Coach Miller on Trip Advisor
10 months ago
10/19/2020, 01:34 AM
Enjoy a hidden gem
My wife, 2 young children, and I have been going here for years. It's lovely! Unfortunately, the enormous wind storm of Dec 2011 diminished it's beauty. The silver lining to that would be how every day the Arboretum literally gets better and better. This will continue for years, until it's back to it's previous perfection. The Arboretum is a perfect place to take a healthy, long walk. There are large ponds to see turtles, huge Koi, ducks, and of course peacocks. You're not supposed to feed them, because some people are idiots and feed them things they're not supposed to eat (do your research!), but it will be a lasting memory for any young child. There's a fantastic staircase by a lovely waterfall that's perfect for getting your heart rate up. If you pack a lunch and a blanket you can spend a long, cheap day here enjoying the quiet and beauty and fresh(er) air.
All that said, I should point out the negatives. The employees tend to be young Chinese-American high school students who are being forced to volunteer by their parents for their college application transcripts, and it shows. Most of them are devoid of emotion, kindness, customer service, or joy. When you go to the gift shop you can save time by replacing any questions you may have with "I don't know." Also, as the Arboretum does rely on donations to survive, they have a large donation box at the entrance. Being that Arcadia is mostly populated with well-to-do but very stingy anti-charity anti-donation people, I've literally been sneered at for putting $ in the donation box, which I do every single time I go. It's an odd but common occurrence! It was explained to me that in their culture (I'm not stating who, as I don't need anyone flagging me as racist) it's all about "saving face." Since I'm donating, and my kids are donating, and "they" won't and don't, it's shaming them by my putting $ in the donation box. At any rate, I mention this because I urge you to donate to the box, even if it's just $1, but do expect strange looks.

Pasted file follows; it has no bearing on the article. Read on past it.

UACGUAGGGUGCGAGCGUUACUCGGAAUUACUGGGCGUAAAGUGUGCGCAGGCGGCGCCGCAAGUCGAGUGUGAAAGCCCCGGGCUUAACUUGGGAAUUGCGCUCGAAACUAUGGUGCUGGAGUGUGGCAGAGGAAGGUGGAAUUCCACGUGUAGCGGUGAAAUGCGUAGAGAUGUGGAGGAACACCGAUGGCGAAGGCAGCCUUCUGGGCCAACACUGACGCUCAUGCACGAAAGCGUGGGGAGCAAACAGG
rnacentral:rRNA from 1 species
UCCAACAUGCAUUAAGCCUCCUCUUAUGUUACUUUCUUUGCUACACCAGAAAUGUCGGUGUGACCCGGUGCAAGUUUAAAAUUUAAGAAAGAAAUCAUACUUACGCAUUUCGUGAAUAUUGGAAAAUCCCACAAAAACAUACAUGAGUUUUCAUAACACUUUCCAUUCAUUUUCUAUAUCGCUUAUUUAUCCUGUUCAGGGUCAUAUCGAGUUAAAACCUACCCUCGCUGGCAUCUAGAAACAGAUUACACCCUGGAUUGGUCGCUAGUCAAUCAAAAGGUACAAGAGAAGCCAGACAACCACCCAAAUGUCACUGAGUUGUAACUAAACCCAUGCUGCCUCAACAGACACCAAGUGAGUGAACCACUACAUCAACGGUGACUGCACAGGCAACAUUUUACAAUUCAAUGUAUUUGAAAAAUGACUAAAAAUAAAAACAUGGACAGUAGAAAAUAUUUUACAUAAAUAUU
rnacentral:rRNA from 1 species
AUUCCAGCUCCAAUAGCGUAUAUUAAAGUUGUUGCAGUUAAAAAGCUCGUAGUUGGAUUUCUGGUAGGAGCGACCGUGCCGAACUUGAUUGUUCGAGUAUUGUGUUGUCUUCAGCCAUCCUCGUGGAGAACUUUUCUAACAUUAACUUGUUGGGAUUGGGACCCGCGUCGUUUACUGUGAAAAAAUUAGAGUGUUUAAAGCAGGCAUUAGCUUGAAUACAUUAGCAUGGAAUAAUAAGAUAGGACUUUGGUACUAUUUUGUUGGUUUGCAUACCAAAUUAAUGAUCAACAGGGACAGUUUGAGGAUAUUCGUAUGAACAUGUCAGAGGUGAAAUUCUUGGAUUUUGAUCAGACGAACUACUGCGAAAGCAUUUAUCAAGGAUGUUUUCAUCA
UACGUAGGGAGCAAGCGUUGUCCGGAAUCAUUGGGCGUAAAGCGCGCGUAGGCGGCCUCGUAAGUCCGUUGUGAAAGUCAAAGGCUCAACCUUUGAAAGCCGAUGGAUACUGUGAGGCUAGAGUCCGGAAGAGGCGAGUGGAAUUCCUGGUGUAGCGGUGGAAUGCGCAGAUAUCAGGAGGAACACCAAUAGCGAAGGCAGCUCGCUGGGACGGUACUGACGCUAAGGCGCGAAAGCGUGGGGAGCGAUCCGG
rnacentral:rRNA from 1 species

Another negative is that, while the place urges quiet and parents are expected to control their kids, some parents just don't. I enjoy meditating, and there are always a few people engaged through the park's tranquil glades and nooks, and I've literally had children run around me, screaming or acting like sugared-out chimpanzees, while I was in meditation. For the most part, the children do behave here, but as it is an affluent area, I suppose it's better than it would be in other areas.
They have a good cafe with good coffee and decent snacks that aren't as ridiculously overpriced as you might expect. The only time I visit it though is in the hottest days, where I'll treat the family to those delicious and hard-to-find Nestle ice cream cookie sandwiches.
So, in essence, I can say it's a beautiful place, and only getting more beautiful. There are forest aspects, lake aspects, walking paths, plenty of shade and sun to be had. While you may do your best to avoid others and keep your distance, there is a bit of culture shock if you do encounter "the locals." If you go, and I suggest you do, teach your children to respect nature and others, as I have done with my children. There's few places in So Cal as good to get away from city living, and enjoy a healthy nature walk, as good as this place. Once the pandemic is over, they'll bring back their awesome events like Summer Concert Series and Snakes in the Park (classic Cobras parked thru the park! One of my favorites!).